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Vice President Pence shares a selfie with a service ember at his Space Command speech. August 9 2018
WASHINGTON: The Trump administration has taken an especially hard line against China and Russia this week, sending Vice President Pence, cabinet officials, and top generals out to issue challenges to Washington’s military and political rivals.
Some of the sharpest comments came from Pence today, who delivered a sharp-elbowed lecture on China’s military ambitions and meddling in US affairs both at home and abroad.
Pence charged that China is working to subvert American elections on a scale that outstrips Russian effort in 2016, going far beyond the bitter trade war between the world’s two biggest economies.
“As a senior career member of our intelligence community recently told me what the Russians are doing pales in comparison to what China is doing across this country,” Pence said.
Speaking at the Hudson Institute in Washington, Pence charged that “Beijing has prioritized capabilities to erode America’s military advantages on land, at sea, in the air and space. China wants nothing less than to push the United States of America from the Western Pacific…but they will fail.”
The tension between the US and China reached a new level just last week, when in the middle of an increasingly expensive standoff of tariffs and levies being placed on consumer products, a Chinese Luyang destroyer approached within 45 yards of the guided missile destroyer USS Decatur “in an unsafe and unprofessional maneuver” near the Gaven Reef in the South China Sea, Cmdr. Nate Christensen of Pacific Fleet told me.
The Chinese ship “conducted a series of increasingly aggressive maneuvers accompanied by warnings for Decatur to depart the area,” after which the US ship maneuvered to prevent a collision, Christensen said.
Pence’s speech came just hours before the release of a new White House report that is expected to draw equally grim conclusions over China’s role in undermining the US defense industrial base.
At a breakfast meeting with reporters in Washington on Thursday, Navy Under Secretary Thomas Modly, fresh from a trip to the Pacific region, said that its clear “we are no longer the only major superpower operating in that area,” and China’s economic and development activity is plan to see in bridges, roads, buildings and ports.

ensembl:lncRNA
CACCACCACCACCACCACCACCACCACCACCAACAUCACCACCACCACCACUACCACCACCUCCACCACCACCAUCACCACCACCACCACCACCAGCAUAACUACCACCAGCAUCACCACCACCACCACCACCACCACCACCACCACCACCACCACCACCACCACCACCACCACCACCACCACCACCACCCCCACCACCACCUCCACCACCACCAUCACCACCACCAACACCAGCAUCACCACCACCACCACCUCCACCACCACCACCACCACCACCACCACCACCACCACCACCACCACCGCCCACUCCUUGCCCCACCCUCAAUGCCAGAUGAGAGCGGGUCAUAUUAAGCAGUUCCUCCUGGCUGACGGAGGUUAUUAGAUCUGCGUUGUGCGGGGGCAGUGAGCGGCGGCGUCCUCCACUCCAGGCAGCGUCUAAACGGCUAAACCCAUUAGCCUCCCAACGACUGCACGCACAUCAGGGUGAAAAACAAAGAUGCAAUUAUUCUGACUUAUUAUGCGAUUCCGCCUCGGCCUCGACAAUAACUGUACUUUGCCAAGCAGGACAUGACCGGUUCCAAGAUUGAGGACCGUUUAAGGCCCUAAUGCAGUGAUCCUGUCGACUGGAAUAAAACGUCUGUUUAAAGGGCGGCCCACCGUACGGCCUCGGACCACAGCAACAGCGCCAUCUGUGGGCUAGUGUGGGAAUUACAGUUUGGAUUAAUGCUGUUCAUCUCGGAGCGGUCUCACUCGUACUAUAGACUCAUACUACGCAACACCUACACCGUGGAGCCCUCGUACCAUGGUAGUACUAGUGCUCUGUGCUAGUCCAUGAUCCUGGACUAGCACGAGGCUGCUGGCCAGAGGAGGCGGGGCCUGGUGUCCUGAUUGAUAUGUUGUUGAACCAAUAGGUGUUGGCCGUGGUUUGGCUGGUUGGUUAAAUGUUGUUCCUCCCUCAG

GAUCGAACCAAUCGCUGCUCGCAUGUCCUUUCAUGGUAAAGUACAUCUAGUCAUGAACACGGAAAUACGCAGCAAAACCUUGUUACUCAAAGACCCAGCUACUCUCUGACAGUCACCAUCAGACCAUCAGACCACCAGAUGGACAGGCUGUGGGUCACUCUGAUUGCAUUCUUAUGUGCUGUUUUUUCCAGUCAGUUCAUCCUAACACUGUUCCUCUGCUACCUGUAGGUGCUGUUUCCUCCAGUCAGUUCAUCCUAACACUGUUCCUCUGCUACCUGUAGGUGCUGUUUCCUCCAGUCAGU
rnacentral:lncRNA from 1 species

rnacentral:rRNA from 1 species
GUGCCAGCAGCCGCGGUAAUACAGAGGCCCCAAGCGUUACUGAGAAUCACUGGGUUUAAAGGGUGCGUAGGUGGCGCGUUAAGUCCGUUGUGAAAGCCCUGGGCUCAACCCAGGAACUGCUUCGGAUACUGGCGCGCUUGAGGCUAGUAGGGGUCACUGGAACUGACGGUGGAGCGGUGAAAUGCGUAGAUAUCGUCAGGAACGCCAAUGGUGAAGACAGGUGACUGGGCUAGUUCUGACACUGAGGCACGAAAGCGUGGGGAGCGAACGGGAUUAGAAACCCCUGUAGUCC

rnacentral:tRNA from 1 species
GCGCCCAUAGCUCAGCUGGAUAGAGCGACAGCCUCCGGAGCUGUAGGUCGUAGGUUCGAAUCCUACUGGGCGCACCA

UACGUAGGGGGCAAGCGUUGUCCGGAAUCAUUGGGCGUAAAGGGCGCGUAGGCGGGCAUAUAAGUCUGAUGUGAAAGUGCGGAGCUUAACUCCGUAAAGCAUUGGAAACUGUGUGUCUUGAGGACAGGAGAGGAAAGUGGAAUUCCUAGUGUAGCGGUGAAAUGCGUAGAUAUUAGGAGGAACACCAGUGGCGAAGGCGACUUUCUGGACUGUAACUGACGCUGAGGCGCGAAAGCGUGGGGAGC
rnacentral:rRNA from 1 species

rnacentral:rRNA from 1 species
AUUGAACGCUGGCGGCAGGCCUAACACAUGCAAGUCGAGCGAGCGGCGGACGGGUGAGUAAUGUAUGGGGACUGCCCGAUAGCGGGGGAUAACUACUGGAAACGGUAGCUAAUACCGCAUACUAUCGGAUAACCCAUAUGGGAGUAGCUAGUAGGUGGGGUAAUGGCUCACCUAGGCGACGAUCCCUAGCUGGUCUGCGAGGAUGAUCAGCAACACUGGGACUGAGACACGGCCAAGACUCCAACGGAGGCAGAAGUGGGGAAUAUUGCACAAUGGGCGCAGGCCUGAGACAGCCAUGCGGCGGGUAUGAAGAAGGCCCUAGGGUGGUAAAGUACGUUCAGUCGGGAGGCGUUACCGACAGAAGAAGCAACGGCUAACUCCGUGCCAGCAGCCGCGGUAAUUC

Militarily, “China is becoming much more assertive in the region, and they’re looking for more creative ways to exert their influence,” he said, including economic pressure.
On the other side of the world Defense Secretary Jim Mattis and ambassador to NATO Kay Bailey Hutchison used an alliance meeting in Brussels to slam Moscow for what they say is Russia’s violation of 1987’s Intermediate-Range Nuclear Forces Treaty.
“Make no mistake, this situation is untenable,” Mattis said Thursday.
If Russia doesn’t return to compliance with the treaty, “the U.S. will need to respond,” Mattis added. “The United States is reviewing options in our diplomacy and defense posture to do just that in concert with our allies.”
The Russian missile in question, known as the 9M729, has an estimated range of 3,400 miles, putting it squarely within the INF treaty which bans all missiles with a range between 310 and 3,400 miles.
On Tuesday, Hutchison went further than Mattis, saying that while the option of choice would be for Russia to halt the testing of the intermediate-range missiles, potential counter measures would include “to take out the missiles that are in development by Russia in violation of the treaty,” she said. “They are on notice.” She stressed in a later Tweet that she did not mean launching preemptive strikes.
Back in Washington, Gen. Joseph Votel, who oversees U.S. forces in the Middle East, told reporters at the Pentagon on Thursday that Moscow’s deployment of the S-300 air defense system to Syria is to help shield “nefarious activities” by Iranian and Syrian forces in the country. “I think this is a needless, needless escalation,” Votel said.
Adding to the cacophony, the Justice Department released an indictment this morning against seven Russian GRU officers the US government charges hacked hundreds of people in the United States and around the world, stealing personal information and committing identity theft, money laundering and wire fraud. The Russian government was angry it had been caught engaging in systematic doping of Russian Olympic athletes and then barred from the Rio Olympics, and used the GRU in an attempt to punish doping and Olympic authorities, as well as athletes.